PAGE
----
IAM Role: Create an IAM role for the crawler to run and access the AWS data stores. Here, I specify the IAM role name as [auroraglue]. AWS creates the IAM role and allows read access to the S3 bucket
Schedule: Select the frequency as Run on Demand
Output: In the output, click on the Add database and specify a database name for the data catalog
Review all steps and click on Finish to configure the AWS crawler.
It creates the crawler. Its status should be Ready for you to run and process data.
Before we execute the crawler, go back to your AWS key and add the IAM Role [auroraglue] for encrypting and decrypting data.
Now, select the crawler and click on Run Crawler.
Use Amazon Athena to query data stored in parquet format
To query crawled data, launch Amazon Athena from the AWS services. In the console, select the data source and database name as per your earlier configurations.
It shows the JSON tables and portioned table for your Amazon Aurora database.
Click on the Preview table for the sqlshackdemo(partitioned) and Choose the Preview table.
It shows you the query and its output. In the preview, it limits the 10 records however we have only two rows in the sample table. You can compare it with the earlier screenshot of the Amazon Aurora sample table.
You can note there that the query window name is [New Query 4].
Click on the Settings in Amazon Athena and specify the Query result location as an AWS S3 bucket.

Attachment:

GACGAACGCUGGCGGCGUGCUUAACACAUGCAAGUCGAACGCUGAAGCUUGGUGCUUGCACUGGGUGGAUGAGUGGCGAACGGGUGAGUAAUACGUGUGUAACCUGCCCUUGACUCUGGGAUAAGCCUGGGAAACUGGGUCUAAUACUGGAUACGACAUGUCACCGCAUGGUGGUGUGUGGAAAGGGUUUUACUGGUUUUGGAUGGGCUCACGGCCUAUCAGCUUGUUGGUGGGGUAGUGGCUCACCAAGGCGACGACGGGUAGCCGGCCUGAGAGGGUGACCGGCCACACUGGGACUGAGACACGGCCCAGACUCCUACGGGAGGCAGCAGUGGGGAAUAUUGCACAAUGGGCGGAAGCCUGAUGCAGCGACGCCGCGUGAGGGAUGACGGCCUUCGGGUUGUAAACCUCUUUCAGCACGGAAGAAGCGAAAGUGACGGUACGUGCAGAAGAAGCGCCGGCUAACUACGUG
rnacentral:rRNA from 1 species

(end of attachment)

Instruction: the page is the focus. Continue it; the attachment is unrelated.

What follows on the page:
In the AWS S3 bucket, you can view the query metadata and output in the CSV format. AWS Athena stores the results in the S3 bucket for each query execution. You can note the folder name is 04 because of the query window name [New Query 4].
In this article, we explored the snapshot export to the S3 bucket for Amazon Aurora or supported AWS RDS databases. It gives the flexibility to access data without any performance impact on the actual production database. You can use Amazon Athena to query tables like a regular table. You can work with Snapshot’s data and recover data as well in case of any requirements.
Table of contents
|Deploy your Amazon Aurora database clusters for MySQL
|Explore Amazon Aurora global databases with MySQL compatibility
|Rewind or Forward the Amazon Aurora Cluster with MySQL compatibility using backtrack feature
|Implement an Amazon Aurora Serverless cluster
|Database Cloning in Amazon Aurora
|Export Amazon Aurora MySQL or Amazon RDS snapshots to AWS S3 buckets